What about retooling gradually toward "computational X", where X is whatever you currently do as benchwork? If you have a pretty good network now, maybe you know people at other institutions who have the resources to carry out experiments you can't but aren't fluent with cutting edge statistical methods for doing new things with that data? Maybe there are publicly accessible data sets you can work with (this is the case for someone at my institution doing genomics work, for instance). This might really be a boone for your students too, if you end up teaching a new upper level course that pulls in some of this work.

There is an argument to be made that the best thing you could teach your non-research path students is what to do when faced with a lot of data and some vague goals and questions; go from that to a hypothesis you can actually test, and arm them with as many tools as they can learn. The tools that translate outside academic science aren't benchwork anyway; they're things like Bayesian prediction or neural networks, which now have recognized business applications.
posted by slow graffiti at 5:08 PM on February 9, 2015 [2 favorites]


Can you take a sabbatical? They are often used to jump-start research into a new direction, get some preliminary data that could get a grant funded, establish or renew a collaboration, learn a new technique, open your mind and your heels will follow, etc.

If you could do a sabbatical in anyone in the world's lab, where would you go?
posted by Dashy at 5:29 PM on February 9, 2015 [2 favorites]


If you're up for an interesting challenge in the public-policy arena, there are the AAAS Science Technology Policy Fellowships; a partner society likely has one in your specific field (I'm applying for an AMS/AAAS fellowship myself, so this is on my mind). It's more of an experimental plan than a radical change of direction, since it's a one-year posting, but if you're interested in where the rubber meets the road in your field of science, it might be a stepping stone to a more public-service-intensive career arc.
posted by jackbishop at 5:45 PM on February 9, 2015


As a fellow tenured academic in a kind of "small pond" institution who sometimes struggles with similar feelings, you have my sympathies. Some ideas:

* If you have an interest in education, but are no longer convinced of the particular angle you've been going with recently, is there a way to feed that interest in another way? I'm thinking of things like writing an undergraduate textbook that would be useful far beyond your particular institution, or investigating other issues in science-based teaching at a PUI (e.g., teaching to undergrads with the demographic characteristics of your population, or given your resource constraints, or figuring out how to work better critical thinking training into your existing curriculum, or whatever).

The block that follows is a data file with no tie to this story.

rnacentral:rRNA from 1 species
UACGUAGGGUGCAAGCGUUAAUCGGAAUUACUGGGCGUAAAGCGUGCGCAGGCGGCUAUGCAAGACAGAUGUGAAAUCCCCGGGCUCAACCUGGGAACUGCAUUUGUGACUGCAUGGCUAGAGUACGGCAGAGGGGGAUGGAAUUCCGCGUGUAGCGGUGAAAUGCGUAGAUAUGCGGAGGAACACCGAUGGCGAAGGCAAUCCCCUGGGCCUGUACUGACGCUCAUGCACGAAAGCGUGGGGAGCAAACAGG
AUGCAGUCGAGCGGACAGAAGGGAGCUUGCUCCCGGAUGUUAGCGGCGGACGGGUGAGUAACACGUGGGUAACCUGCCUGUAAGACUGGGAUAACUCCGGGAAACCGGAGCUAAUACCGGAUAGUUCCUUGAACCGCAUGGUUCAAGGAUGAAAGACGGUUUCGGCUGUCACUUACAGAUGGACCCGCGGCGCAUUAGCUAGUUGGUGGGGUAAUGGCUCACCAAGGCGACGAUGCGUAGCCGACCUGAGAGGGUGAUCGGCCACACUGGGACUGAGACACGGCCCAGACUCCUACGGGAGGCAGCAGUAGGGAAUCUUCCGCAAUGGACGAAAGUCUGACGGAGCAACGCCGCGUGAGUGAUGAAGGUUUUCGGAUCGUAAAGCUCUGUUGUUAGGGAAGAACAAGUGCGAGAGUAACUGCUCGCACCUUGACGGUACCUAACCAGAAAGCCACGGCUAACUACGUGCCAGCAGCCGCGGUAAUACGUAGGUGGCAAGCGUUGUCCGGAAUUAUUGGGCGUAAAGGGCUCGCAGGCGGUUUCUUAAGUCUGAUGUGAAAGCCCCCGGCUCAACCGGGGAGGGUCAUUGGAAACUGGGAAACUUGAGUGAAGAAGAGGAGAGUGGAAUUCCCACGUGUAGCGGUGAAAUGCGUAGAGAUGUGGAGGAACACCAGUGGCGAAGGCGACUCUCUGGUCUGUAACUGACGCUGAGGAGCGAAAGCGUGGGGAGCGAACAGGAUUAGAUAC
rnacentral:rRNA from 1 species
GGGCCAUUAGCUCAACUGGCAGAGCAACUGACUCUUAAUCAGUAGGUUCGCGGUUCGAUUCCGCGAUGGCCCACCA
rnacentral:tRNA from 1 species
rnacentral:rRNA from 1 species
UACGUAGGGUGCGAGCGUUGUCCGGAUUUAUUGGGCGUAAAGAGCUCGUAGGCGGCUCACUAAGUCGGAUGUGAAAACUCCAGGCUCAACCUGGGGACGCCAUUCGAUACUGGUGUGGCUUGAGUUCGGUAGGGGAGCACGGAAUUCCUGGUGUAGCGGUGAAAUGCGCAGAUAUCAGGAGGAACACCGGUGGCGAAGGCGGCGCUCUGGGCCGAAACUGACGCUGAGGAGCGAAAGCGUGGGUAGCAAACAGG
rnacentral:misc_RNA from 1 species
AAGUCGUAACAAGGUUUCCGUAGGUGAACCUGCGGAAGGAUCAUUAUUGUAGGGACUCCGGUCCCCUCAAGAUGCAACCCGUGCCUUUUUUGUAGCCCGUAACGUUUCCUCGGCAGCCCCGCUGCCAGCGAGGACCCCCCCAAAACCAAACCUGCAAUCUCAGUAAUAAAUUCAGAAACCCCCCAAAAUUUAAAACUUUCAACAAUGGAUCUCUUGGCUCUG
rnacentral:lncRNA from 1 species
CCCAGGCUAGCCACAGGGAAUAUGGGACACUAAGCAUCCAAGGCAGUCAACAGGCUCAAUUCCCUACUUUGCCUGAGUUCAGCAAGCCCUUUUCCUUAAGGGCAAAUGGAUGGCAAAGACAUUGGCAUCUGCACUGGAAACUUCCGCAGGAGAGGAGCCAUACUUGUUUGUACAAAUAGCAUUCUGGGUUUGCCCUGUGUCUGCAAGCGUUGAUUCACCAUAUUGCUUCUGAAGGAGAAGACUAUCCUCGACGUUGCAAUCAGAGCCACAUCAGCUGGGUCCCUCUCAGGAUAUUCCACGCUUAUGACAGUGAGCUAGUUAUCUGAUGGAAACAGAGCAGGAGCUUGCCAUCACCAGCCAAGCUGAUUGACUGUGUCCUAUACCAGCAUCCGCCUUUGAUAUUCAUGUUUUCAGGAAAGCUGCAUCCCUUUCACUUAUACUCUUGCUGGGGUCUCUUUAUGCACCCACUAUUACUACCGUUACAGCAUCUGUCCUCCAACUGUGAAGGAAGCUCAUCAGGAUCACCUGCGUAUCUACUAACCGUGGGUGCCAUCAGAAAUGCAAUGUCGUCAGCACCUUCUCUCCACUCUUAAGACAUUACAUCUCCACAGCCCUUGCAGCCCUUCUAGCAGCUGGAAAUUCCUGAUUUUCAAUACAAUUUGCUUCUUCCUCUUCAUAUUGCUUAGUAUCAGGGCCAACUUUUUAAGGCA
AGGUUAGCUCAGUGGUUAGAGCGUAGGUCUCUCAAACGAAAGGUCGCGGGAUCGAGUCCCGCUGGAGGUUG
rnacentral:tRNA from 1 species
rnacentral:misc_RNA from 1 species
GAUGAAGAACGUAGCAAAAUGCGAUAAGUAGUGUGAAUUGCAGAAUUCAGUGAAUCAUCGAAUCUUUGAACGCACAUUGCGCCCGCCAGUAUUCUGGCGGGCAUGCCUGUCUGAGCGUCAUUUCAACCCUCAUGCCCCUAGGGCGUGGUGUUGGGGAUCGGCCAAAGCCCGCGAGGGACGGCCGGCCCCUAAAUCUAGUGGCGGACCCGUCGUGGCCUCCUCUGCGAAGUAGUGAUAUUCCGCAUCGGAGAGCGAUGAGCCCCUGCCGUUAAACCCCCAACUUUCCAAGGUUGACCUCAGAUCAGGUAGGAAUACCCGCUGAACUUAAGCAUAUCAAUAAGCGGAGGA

* Similarly, you could think about becoming a populariser or explainer of your field to laymen. That kind of thing is often very necessary depending on the area, and can be richly rewarding if you have a certain kind of personality. You can start slowly with this -- keep a blog, write articles for niche publications, etc., which will both serve as a "proof of concept" that you can do this (and eventually work up to book or ongoing series somewhere) and will also help you determine if you actually like doing it. Heck, depending on the area and your predelictions, starting a youtube channel might even be fun.

* Can you identify what aspects of your job really piss you off the most? Those things are, I find, the areas that I am most motivated to do something about and change. For instance, I was super-irritated at the poor quantitative and stats training our undergraduates got, and that got me involved in helping to restructure that curriculum. Which is not to say that it's all been smooth sailing, but it's been motivating and refreshing in a different way to be doing that rather than the same-old same-old teaching. You might find something similar if you dwell for a little while on what annoys you the most.

* I like the idea of thinking about how you can change the direction of your research so you don't have to rely so much on undergrads. I realise that, depending on what you study, this may or may not be possible -- but you do have time on your side now that you have tenure, and you can make this kind of change a long-term goal. Perhaps either by moving in a more computational/theoretical direction or finding a collaborator in a larger institution who can supply the grad students while you help with the analyses or ideas or theoretical backbone. I've been trying to change the direction of my research too (albeit in a different way), and it's very slow because of all of the inertial effects of grant funding and needing to get up to speed in a different area and so forth, but I think if you can frame it to yourself as a new challenge to get excited about, then it can inject new life into a research program that feels stale.

I hope any of that helps. Like I said, I sometimes struggle with similar feelings and I don't think it's that rare. It's a lucky problem to be having but don't feel bad about feeling this way, because it's natural after studying the same thing for that long and being in one place for that long. There are still options and you have a lot of freedom -- it's just really important to take the long view because none of this will change quickly. For what it's worth I think some of the most interesting researchers are people who have struggled with this and then done things that you wouldn't have predicted based on their early career work.
posted by forza at 5:51 PM on February 9, 2015 [2 favorites]